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Thread: ‘Get Scavino in here’: Trump’s Twitter guru is the ultimate insider

  1. #1
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    ‘Get Scavino in here’: Trump’s Twitter guru is the ultimate insider

    ‘Get Scavino in here’: Trump’s Twitter guru is the ultimate insider

    Shortly after President Donald Trump announced plans to yank U.S. troops out of Syria last December, a group of lawmakers came to the White House to talk him out of the idea, which critics called a threat to national security.

    Trump responded by calling in the man who oversees his Twitter account.

    “Get Dan Scavino in here,” Trump called out in the middle of the meeting earlier this year. In walked a man in his early forties with close-cropped brown hair.

    “Tell them how popular my policy is,” Trump instructed Scavino, who, according to two people with knowledge of the exchange, proceeded to walk lawmakers through the positive reaction he had picked up on social media about Trump’s Syria decision.

    The sudden pivot from geostrategy to retweets and likes surprised the lawmakers. It was a remarkable moment given that not long ago Scavino was managing Trump’s golf club. But for Scavino himself, it was just another day on the job.

    With few allies left in the West Wing, Trump frequently leans on his unassuming social media guru for affirmation and advice about how his most sensitive policies will be received, according to interviews with more than two dozen current and former White House officials, and others close to the president.
    A fascinating insight into the deliberative process inside this administration.

    Patriotism is of its nature defensive, both militarily and culturally. Nationalism, on the other hand, is inseparable from the desire for power. The abiding purpose of every nationalist is to secure more power and more prestige, not for himself but for the nation or other unit in which he has chosen to sink his own individuality.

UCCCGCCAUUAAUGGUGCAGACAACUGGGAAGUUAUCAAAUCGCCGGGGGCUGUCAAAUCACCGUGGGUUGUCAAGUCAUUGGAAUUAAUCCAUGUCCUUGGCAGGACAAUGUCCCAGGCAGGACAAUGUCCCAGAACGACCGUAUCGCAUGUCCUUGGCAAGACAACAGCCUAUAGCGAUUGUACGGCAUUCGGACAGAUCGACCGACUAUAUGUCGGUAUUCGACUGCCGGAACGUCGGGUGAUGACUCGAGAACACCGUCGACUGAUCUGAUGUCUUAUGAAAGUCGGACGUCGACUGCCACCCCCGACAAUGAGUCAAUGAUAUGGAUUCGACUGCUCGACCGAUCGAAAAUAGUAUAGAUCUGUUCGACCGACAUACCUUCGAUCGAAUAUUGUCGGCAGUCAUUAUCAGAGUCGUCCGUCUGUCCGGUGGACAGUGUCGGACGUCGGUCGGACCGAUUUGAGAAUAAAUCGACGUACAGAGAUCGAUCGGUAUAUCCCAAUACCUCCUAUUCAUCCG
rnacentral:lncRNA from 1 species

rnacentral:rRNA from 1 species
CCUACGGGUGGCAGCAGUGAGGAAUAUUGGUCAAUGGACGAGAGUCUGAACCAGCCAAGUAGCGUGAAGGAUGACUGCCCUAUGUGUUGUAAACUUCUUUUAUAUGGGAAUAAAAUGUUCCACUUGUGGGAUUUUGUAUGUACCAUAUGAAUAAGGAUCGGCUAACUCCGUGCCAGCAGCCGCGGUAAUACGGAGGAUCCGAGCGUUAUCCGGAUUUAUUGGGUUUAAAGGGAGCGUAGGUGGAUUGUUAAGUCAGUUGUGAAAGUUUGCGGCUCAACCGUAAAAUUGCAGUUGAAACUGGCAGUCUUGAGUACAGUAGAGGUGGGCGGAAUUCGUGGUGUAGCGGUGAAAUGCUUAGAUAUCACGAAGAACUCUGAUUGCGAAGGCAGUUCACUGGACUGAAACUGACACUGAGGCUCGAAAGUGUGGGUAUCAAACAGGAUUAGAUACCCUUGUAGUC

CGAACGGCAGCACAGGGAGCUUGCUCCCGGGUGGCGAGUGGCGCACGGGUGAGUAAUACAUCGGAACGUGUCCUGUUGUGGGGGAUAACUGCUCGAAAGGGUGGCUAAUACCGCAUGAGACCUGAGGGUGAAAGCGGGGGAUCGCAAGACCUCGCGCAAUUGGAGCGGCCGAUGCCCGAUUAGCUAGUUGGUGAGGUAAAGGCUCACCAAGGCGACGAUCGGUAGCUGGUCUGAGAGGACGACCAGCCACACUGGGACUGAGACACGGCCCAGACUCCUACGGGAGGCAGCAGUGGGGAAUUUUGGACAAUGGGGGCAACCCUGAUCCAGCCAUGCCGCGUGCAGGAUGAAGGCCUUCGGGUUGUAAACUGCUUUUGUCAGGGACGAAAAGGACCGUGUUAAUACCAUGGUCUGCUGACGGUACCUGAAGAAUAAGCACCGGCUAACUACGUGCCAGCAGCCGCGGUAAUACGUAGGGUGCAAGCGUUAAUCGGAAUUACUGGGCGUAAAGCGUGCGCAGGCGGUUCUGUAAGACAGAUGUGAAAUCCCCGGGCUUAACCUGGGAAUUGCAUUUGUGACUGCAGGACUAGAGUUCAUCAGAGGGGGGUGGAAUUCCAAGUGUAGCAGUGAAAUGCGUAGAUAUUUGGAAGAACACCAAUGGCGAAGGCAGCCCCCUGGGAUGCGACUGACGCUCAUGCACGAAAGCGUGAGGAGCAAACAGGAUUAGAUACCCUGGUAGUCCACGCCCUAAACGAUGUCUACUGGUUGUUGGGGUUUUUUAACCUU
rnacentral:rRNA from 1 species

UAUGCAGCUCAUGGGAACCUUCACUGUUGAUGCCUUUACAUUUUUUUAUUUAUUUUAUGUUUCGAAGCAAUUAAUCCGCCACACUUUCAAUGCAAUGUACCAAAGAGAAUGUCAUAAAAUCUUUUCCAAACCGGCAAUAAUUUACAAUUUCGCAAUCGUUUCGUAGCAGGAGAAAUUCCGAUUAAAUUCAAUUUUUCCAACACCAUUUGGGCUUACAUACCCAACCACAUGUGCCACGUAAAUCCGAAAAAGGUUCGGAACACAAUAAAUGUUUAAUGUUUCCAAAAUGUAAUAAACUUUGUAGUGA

-George Orwell, Notes on Nationalism

  2. #2
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    The sudden pivot from geostrategy to retweets and likes surprised the lawmakers.

    That bit makes the story somewhat suspect for me. Lawmakers are all well aware of who Trump is by now.
    The reason Trump succeeded isn’t that complicated after all. He didn’t win the nomination by tapping into some nascent political movement. He won by doing a fairly good impression of a right-wing media celebrity. Every issue, every conspiracy, every applause line has been ripped from their websites, radio shows, and television programs. It’s why he became America’s most prominent birther. It’s why he floated rumors that Ted Cruz’s dad killed JFK, and that Hillary Clinton killed Vince Foster. It’s why he talks the way he does about Mexicans and Muslims and women and African Americans. It’s why he’s been able to get away with knowing little to nothing about policy or government or world affairs — because Trump, like any good talking head, only speaks in chyrons and clauses and some-people-are-sayings.

    Trump’s greatest trick has been to realize that right-wing media stars have a built-in audience that Republican politicians don’t. To that audience, Jeb Bush talks like Washington talks. Ted Cruz talks like conservative ideologues talk. Marco Rubio talks like the last consultant he spoke with talks. But Trump talks like a true talk radio fan — longtime listener, first-time caller. He comes off like the winner of a reality TV show in which one lucky Fox viewer gets picked to run for president of the United States.

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